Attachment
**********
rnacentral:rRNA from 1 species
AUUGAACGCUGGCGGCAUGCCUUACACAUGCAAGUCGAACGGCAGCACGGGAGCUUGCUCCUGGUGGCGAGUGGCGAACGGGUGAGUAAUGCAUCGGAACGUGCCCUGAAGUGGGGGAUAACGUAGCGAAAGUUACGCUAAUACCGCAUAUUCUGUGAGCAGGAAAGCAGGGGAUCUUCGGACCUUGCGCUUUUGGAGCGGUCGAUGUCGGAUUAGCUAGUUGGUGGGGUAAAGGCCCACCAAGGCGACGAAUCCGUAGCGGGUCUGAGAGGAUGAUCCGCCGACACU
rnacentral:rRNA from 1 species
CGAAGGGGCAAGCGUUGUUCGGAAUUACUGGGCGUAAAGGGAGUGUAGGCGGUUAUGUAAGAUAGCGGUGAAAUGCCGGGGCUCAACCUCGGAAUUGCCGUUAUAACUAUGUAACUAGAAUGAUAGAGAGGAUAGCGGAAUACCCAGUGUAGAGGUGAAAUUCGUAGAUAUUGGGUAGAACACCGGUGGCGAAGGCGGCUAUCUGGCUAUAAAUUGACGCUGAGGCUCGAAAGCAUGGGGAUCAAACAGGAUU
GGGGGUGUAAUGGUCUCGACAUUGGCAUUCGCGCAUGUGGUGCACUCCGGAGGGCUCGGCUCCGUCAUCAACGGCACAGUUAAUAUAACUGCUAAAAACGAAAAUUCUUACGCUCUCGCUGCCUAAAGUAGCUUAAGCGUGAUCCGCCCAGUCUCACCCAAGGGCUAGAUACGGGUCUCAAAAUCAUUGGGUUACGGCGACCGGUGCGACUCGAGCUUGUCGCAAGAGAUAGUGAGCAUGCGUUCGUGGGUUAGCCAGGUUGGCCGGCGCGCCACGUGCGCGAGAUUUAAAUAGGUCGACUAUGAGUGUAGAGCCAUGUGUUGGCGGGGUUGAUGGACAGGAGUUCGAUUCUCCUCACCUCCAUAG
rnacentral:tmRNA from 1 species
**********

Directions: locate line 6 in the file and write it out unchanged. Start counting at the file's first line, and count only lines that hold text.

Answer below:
rnacentral:tmRNA from 1 species